Whether you are looking to upgrade your existing computer with the best Desktop DDR4 RAM, or you want to put together your own build, the reviews and guide below will help you narrow down which RAM gives you the best bang for your buck. Click through to the actual reviews and get detailed information including warnings and considerations you should have before buying DDR4 UDIMM RAM.
UDIMM Computer Memory Running at 4400 MHz (PC4-35200) at 1.45V
$130.00 for 2x 8 GB
People buying DDR4 Desktop RAM now are mostly getting 3200 MHz or 3600 MHz RAM with not too great latency profiles. These units generally cost around $100 for the higher end versions with heat spreading sheets.
Most RAM that’s rated over 4000 MHz costs around $300-500/pack of 2x8GB. So when we found Patriot selling these units running at 4400 MHz for only $130, we just couldn’t believe it. The increased performance over the lower end versions that run as slow as 2000 MHz is incomparable.
UDIMM RAM Running at 3600 MHz (PC4-28800) at 1.35V
$70.00 for 2x 8 GB
If $130 is a little high, then buying Corsair Vengeance DDR4 RAM for your desktop is the second best option. You’ll get 85% the performance as you would with our #1 pick, but you’ll save a bundle and you’ll get our favorite memory brand.
When we say Corsair Vengeance is our favorite, there’s some very good reasons behind that. To start, there’s the “Corsair” advantage for overclocking. Namely, since they are the most popular brand of RAM among enthusiasts, their forums are very active and there’ll generally be someone who experienced your issue before you, and who posted the fix.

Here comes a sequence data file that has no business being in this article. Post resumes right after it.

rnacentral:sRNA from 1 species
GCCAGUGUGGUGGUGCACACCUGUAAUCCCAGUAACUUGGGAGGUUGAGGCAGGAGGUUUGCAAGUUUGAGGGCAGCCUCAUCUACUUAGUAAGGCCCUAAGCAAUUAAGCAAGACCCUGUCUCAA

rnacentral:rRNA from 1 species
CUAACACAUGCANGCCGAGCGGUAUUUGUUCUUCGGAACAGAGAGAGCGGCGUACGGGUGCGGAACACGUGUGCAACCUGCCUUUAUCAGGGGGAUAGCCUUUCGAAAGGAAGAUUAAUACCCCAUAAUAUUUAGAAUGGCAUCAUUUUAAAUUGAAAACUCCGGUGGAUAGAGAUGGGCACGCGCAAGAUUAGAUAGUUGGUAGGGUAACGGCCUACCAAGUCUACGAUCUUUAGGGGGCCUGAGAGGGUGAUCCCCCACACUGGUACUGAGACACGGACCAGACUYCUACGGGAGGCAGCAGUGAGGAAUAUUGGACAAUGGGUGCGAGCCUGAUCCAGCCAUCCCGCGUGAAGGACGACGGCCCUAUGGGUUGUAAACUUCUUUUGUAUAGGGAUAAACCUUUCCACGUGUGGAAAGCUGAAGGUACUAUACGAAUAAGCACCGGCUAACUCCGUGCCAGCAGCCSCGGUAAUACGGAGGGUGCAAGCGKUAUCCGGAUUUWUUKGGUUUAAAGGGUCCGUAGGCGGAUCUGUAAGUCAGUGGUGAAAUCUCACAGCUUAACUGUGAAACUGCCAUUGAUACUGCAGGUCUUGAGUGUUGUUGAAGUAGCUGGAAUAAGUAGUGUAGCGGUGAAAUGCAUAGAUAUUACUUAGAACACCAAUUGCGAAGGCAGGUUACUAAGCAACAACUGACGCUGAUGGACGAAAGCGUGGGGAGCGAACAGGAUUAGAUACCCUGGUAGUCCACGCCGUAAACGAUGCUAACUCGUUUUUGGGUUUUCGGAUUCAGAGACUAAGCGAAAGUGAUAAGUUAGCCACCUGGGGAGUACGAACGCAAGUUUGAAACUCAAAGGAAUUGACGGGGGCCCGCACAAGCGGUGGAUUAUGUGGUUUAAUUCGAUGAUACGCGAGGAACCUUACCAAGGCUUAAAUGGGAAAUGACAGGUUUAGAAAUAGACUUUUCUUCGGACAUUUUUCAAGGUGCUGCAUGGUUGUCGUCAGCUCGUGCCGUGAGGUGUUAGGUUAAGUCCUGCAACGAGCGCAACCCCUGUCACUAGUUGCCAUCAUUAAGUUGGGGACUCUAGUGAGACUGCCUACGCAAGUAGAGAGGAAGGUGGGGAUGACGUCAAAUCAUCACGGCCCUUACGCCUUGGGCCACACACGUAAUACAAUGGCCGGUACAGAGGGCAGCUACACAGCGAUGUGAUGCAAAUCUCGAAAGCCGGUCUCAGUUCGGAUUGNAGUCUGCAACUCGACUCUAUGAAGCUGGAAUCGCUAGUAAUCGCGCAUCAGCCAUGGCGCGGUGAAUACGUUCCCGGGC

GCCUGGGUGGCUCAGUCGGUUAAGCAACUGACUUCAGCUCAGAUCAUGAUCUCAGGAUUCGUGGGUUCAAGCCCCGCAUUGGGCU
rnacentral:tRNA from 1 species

Another big point for Corsair is both the compatibility, where most issues have already been ironed out, but also the update of software. Since so many people use Corsair products, chip manufacturers keep compatibility with Vengeance memory units in mind more than any other brand.
UDIMM RAM Running at 3000 MHz (PC4-24000) at 1.35V
$55.00 for 2x 8 GB
What if you want to upgrade your desktop on the cheap, and you want to push the price down as far as it can reasonably go? Then ADATA is for you.
Sure, there are some really cheap OLOy chips on the market which run a good $5-10 less than ADATA. But really those units don’t seem worth it. For the most part they are running at a pathetically slow 2000 MHz. Second, they have latency issues that will make you severely disappointed.
3rd and most importantly, they aren’t as well established or well known as XPG. With computer components most of us want to set it and forget it.
Last, the other big reason to go with XPG is that most of the cheaper options don’t have the build quality you’ll find in XPG. XPG offers very solid units that feel hefty in the hand. And that’s because they use lots of copper and real aluminum for their heat dispersers. So why hassle over $5? If you want cheap, ADATA’s XPG are as cheap as you should go.